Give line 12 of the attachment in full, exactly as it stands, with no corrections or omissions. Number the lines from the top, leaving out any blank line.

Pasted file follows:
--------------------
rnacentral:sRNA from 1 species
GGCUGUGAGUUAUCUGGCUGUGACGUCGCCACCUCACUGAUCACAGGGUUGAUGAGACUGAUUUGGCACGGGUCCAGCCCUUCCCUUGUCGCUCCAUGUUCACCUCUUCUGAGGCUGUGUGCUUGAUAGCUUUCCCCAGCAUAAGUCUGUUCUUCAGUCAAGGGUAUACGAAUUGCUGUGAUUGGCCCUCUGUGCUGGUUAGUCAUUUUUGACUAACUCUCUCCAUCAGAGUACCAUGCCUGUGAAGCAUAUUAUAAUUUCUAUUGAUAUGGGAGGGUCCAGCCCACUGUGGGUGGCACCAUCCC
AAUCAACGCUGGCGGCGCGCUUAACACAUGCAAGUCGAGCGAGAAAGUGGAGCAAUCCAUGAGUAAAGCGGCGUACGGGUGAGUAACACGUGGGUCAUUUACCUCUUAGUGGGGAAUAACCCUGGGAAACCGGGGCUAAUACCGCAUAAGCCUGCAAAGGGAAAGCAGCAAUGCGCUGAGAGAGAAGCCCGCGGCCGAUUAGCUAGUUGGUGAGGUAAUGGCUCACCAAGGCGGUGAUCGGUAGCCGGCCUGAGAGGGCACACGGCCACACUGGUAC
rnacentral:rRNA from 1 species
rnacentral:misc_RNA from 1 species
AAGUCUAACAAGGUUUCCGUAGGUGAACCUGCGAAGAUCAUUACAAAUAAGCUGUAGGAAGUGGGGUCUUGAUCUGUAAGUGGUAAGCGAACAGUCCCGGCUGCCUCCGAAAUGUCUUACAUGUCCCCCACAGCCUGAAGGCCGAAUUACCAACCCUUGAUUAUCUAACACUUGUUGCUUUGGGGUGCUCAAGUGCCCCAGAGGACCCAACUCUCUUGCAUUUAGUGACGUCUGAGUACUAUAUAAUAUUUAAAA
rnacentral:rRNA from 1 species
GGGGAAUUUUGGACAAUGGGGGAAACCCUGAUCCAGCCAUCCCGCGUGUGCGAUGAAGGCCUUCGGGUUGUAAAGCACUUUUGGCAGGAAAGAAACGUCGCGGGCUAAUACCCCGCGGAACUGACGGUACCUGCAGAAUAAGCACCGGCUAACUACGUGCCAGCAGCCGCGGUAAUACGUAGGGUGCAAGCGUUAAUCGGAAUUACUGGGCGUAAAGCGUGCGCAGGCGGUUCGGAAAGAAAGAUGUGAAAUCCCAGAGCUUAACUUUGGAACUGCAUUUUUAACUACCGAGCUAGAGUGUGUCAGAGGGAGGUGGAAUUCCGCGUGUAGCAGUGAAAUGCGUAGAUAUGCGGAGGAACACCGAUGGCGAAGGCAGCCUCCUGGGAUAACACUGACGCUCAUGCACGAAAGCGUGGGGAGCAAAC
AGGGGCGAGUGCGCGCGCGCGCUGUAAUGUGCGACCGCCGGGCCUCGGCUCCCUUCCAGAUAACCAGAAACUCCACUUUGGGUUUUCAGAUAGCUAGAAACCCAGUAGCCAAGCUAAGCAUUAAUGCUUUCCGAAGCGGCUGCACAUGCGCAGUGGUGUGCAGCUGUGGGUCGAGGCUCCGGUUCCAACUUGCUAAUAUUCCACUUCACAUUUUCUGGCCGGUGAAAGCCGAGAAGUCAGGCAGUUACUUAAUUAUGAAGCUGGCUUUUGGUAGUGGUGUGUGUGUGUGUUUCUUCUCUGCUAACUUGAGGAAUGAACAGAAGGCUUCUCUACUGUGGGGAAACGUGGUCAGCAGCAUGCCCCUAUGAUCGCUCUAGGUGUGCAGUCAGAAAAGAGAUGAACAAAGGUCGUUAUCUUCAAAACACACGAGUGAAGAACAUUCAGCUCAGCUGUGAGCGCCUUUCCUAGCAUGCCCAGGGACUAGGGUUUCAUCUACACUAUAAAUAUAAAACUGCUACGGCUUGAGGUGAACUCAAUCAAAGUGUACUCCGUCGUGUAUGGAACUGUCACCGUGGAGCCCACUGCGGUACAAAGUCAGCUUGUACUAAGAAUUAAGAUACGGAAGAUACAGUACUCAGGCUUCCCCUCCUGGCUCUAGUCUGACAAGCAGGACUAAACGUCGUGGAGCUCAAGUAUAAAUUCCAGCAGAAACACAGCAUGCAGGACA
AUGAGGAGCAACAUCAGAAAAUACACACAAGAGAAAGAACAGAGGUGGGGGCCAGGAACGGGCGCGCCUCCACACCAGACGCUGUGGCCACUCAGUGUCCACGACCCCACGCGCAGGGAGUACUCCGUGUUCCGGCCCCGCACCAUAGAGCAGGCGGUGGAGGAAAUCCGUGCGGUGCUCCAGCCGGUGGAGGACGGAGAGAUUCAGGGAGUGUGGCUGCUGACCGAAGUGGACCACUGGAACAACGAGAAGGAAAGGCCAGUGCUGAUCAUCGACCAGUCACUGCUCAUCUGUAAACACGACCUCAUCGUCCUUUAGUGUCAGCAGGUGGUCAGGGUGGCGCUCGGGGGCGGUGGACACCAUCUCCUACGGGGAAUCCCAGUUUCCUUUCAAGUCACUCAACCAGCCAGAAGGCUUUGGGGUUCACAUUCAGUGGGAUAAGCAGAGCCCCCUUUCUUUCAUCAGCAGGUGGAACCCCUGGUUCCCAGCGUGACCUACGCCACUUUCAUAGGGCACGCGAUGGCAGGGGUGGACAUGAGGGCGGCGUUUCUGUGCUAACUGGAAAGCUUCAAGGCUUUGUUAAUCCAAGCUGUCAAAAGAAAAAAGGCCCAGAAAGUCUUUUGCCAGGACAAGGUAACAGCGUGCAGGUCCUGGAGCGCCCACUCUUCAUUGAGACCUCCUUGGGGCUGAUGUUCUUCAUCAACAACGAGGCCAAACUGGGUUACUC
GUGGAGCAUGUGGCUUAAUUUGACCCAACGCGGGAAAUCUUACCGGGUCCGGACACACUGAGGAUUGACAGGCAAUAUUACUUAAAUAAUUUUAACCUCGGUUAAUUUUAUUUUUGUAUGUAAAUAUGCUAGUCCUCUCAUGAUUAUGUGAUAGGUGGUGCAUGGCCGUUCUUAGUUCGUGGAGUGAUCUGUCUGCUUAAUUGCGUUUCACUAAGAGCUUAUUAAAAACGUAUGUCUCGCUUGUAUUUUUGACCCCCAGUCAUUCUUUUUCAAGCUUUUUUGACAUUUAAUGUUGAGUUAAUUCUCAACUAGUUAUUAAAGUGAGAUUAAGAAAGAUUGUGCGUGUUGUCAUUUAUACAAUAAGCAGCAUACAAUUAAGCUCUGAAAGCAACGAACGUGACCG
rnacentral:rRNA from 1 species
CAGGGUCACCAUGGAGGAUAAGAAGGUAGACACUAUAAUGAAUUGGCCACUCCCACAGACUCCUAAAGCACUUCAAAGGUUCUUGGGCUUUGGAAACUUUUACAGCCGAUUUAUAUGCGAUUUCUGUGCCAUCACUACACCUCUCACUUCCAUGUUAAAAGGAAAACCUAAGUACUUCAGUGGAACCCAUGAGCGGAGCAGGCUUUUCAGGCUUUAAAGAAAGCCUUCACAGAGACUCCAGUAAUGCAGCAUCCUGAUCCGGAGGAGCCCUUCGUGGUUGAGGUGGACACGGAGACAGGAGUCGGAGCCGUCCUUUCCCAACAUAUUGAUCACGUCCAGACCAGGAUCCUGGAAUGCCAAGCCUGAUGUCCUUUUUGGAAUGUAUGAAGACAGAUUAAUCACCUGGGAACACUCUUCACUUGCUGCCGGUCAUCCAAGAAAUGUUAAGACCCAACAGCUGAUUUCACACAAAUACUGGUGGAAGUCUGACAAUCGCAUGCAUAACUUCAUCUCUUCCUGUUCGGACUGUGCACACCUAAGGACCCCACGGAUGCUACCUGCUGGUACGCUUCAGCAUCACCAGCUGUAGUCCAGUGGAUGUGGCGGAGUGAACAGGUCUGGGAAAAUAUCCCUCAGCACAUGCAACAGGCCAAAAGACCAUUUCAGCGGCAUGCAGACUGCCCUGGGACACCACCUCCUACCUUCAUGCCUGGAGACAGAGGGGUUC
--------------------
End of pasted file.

rnacentral:rRNA from 1 species